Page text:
EN_a120. Bartlett’s Unfamiliar Quotations

(Source: Editor)

   

* Charlotte Brontë (21 Apr 1816 – 31 Mar 1855; was an English novelist and poet, the eldest of the three Brontë sisters, including Emily and Anne, whose novels became classics of English literature. Charlotte’s best-known novel was Jane Eyre.
  – “Prejudices, it is well known, are most difficult to eradicate from the heart whose soil has never been loosened or fertilized by education; they grow firm there, firm as weeds among stones.”
  – “I am always easy of belief when the creed pleases me.”

* * * * * * * * * * * * * * * * * * * *

The official versions of the following regulations are published annually in the U.S. Code of Federal Regulations (C.F.R.), but are updated as amended in the Federal Register.  The latest amendments are listed below.
 
Agency 
Regulations 
Latest Update 
DHS CUSTOMS REGULATIONS
: 19 CFR, Ch. 1, Pts. 0-199.
 
 
 
5 Apr 2019:84 FR 13499: Civil Monetary Penalty Adjustments for Inflation.

DOC EXPORT ADMINISTRATION REGULATIONS (EAR): 15 CFR Subtit. B, Ch. VII, Pts. 730-774.

24 Feb 2020:
85 FR 10274
: Amendments to Country Groups for Russia and Yemen Under the Export Administration Regulations.
 

 

DOC FOREIGN TRADE REGULATIONS (FTR): 15 CFR Part 30.   Last Amendment: 24 Apr 2018: 83 FR 17749: Foreign Trade Regulations (FTR): Clarification on the Collection and Confidentiality of Kimberley Process Certificates.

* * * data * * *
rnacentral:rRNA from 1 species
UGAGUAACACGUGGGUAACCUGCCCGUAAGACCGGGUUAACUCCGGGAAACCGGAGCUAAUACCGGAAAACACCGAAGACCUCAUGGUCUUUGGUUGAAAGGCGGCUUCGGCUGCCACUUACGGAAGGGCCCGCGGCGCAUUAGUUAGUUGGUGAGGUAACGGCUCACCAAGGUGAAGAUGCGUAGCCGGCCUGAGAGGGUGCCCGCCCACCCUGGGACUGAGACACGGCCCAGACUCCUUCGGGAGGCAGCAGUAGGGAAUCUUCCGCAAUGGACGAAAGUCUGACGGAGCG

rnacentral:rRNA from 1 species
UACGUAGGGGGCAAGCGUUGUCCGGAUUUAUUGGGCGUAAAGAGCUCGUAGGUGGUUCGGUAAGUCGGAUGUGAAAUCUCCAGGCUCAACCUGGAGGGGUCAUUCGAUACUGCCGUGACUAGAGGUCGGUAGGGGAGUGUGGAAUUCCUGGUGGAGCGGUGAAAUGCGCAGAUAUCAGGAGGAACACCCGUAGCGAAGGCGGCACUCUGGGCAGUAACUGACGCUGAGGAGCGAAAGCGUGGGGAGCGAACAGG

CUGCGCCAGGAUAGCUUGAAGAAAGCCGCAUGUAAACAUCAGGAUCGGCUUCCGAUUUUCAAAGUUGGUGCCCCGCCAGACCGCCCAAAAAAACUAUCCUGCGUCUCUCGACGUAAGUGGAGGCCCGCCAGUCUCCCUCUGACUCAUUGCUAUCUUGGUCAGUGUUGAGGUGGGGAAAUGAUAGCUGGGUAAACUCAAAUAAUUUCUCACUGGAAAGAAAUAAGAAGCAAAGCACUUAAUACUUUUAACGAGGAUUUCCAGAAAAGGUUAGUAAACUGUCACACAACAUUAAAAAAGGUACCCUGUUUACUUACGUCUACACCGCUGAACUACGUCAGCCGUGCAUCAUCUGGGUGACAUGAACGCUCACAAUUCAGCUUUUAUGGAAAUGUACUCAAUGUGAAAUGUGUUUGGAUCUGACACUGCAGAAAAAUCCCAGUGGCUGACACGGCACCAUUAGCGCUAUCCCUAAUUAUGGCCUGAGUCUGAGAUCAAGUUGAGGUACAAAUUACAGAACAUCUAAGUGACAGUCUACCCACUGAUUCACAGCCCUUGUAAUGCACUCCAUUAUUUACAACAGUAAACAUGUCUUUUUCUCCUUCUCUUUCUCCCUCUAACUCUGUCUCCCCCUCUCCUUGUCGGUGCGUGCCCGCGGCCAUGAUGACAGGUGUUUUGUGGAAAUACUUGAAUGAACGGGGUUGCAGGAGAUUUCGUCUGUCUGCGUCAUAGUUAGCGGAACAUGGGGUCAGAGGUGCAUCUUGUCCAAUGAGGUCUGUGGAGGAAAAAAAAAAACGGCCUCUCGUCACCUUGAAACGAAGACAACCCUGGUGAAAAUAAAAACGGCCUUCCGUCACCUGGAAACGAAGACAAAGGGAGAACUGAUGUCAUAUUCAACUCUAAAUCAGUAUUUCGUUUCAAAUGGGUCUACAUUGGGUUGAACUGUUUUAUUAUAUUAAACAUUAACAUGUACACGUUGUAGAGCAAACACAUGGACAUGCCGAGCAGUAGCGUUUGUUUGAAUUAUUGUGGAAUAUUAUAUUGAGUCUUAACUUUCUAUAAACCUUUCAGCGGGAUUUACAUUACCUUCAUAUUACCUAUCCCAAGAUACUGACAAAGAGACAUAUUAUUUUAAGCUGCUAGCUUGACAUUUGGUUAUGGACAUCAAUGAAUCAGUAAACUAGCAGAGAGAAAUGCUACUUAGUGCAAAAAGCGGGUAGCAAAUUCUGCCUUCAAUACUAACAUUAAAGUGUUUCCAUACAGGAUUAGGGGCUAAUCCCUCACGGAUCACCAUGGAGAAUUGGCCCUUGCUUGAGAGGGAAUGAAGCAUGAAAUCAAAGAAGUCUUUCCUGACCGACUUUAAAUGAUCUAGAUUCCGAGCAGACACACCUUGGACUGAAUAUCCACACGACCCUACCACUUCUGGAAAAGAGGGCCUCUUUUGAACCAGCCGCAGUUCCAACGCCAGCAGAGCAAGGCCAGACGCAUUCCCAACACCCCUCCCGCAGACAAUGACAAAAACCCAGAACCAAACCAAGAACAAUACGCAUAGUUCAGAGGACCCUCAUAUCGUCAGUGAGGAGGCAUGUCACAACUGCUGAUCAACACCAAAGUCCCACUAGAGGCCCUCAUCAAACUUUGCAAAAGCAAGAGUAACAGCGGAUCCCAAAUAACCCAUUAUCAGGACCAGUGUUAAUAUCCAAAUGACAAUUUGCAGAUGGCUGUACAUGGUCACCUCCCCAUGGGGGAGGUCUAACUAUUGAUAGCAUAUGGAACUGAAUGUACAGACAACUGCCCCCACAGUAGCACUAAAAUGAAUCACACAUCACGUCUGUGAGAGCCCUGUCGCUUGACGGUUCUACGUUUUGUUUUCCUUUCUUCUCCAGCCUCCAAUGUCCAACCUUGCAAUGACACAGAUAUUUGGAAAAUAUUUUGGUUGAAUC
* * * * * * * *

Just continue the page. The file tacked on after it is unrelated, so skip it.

DOD NATIONAL INDUSTRIAL SECURITY PROGRAM OPERATING MANUAL (NISPOM): DoD 5220.22-M. Implemented by Dep’t of Defense.

18 May 2016: Change 2: Implement an insider threat program; reporting requirements for Cleared Defense Contractors; alignment with Federal standards for classified information systems; incorporated and cancelled Supp. 1 to the NISPOM (Summary here.)  
DOE ASSISTANCE TO FOREIGN ATOMIC ENERGY ACTIVITIES: 10 CFR Part 810. 

23 Feb 2015: 80 FR 9359, comprehensive updating of regulations, updates the activities and technologies subject to specific authorization and DOE reporting requirements. 
DOE EXPORT AND IMPORT OF NUCLEAR EQUIPMENT AND MATERIAL; 10 CFR Part 110.

15 Nov 2017, 82 FR 52823: miscellaneous corrections include correcting references, an address and a misspelling.

 

DOJ ATF ARMS IMPORT REGULATIONS: 27 CFR Part 447-Importation of Arms, Ammunition, and Implements of War.

14 Mar 2019: 84 FR 9239: Bump-Stock-Type Devices.

DOS INTERNATIONAL TRAFFIC IN ARMS REGULATIONS (ITAR): 22 C.F.R. Ch. I, Subch. M, Pts. 120-130.  26 Dec 2019: 84 FR 70887; 23 Jan 2020: 85 FR 3819: Encryption rule and USML Categories I, II, III, and related sections regarding guns & ammo. 
 
DOT FOREIGN ASSETS CONTROL REGULATIONS (OFAC FACR): 31 CFR, Parts 500-599, Embargoes, Sanctions, Executive Orders

10 Apr 2020:
85 FR 20158:

North Korea Sanctions Regulations. 

 
 
 
 
USITC HARMONIZED TARIFF SCHEDULE OF THE UNITED STATES (HTS, HTSA or HTSUSA),

1 Jan 2019: 19 USC 1202 Annex.
  – HTS codes for AES are available here.
  – HTS codes that are not valid for AES are available here.
 

* * * * * * * * * * * * * * * * * * * *